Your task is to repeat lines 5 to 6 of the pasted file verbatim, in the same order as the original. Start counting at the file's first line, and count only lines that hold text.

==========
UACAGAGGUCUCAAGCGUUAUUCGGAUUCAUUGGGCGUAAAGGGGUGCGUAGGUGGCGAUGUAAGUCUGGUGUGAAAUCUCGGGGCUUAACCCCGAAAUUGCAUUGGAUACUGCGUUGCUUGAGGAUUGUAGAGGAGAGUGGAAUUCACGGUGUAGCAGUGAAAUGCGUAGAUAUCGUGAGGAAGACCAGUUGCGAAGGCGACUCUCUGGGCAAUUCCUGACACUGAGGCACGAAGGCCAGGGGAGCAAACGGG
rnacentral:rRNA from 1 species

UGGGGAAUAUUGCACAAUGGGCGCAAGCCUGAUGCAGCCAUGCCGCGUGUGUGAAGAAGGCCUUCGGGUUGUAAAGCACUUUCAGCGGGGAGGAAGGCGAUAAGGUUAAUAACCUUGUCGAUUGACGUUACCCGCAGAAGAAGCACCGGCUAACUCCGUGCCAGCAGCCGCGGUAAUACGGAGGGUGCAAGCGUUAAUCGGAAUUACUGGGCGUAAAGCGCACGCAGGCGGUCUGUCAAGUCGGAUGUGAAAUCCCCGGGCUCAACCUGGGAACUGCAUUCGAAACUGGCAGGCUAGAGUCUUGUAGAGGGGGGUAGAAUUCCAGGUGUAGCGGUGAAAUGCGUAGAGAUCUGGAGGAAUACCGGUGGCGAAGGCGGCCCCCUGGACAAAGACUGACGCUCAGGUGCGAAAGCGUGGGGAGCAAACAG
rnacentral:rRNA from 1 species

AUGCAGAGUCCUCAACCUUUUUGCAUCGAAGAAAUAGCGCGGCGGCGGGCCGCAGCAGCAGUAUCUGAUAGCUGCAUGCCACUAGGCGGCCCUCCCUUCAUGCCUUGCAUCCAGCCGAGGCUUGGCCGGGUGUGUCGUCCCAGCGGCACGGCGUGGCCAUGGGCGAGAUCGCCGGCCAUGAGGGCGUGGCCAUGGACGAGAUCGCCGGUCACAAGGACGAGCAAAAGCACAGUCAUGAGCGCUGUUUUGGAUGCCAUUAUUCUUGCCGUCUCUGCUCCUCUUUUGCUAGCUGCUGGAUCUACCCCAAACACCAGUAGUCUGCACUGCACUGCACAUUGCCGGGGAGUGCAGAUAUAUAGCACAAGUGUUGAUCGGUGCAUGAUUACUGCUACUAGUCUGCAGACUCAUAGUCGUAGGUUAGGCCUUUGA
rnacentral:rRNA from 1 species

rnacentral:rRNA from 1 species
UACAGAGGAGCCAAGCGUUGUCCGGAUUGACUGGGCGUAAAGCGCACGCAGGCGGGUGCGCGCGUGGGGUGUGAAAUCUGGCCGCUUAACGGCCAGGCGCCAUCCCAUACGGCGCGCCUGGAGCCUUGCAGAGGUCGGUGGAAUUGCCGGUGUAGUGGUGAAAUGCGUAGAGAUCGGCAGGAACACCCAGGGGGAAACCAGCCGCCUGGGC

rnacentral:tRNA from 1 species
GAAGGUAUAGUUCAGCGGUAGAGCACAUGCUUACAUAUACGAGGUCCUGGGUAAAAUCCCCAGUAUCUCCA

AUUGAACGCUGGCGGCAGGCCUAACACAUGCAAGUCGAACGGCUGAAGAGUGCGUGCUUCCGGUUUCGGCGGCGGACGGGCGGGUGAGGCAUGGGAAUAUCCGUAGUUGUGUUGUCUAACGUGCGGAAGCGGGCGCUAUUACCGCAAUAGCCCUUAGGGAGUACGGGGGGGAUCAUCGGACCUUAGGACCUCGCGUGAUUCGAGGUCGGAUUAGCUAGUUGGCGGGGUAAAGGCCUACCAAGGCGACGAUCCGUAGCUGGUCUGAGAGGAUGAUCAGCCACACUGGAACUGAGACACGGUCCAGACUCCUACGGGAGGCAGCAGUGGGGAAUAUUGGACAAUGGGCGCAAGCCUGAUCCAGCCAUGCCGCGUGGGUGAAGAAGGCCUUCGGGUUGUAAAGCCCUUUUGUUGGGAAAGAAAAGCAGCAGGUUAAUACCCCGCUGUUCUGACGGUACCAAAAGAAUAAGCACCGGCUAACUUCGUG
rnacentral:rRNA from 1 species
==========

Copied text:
AUGCAGAGUCCUCAACCUUUUUGCAUCGAAGAAAUAGCGCGGCGGCGGGCCGCAGCAGCAGUAUCUGAUAGCUGCAUGCCACUAGGCGGCCCUCCCUUCAUGCCUUGCAUCCAGCCGAGGCUUGGCCGGGUGUGUCGUCCCAGCGGCACGGCGUGGCCAUGGGCGAGAUCGCCGGCCAUGAGGGCGUGGCCAUGGACGAGAUCGCCGGUCACAAGGACGAGCAAAAGCACAGUCAUGAGCGCUGUUUUGGAUGCCAUUAUUCUUGCCGUCUCUGCUCCUCUUUUGCUAGCUGCUGGAUCUACCCCAAACACCAGUAGUCUGCACUGCACUGCACAUUGCCGGGGAGUGCAGAUAUAUAGCACAAGUGUUGAUCGGUGCAUGAUUACUGCUACUAGUCUGCAGACUCAUAGUCGUAGGUUAGGCCUUUGA
rnacentral:rRNA from 1 species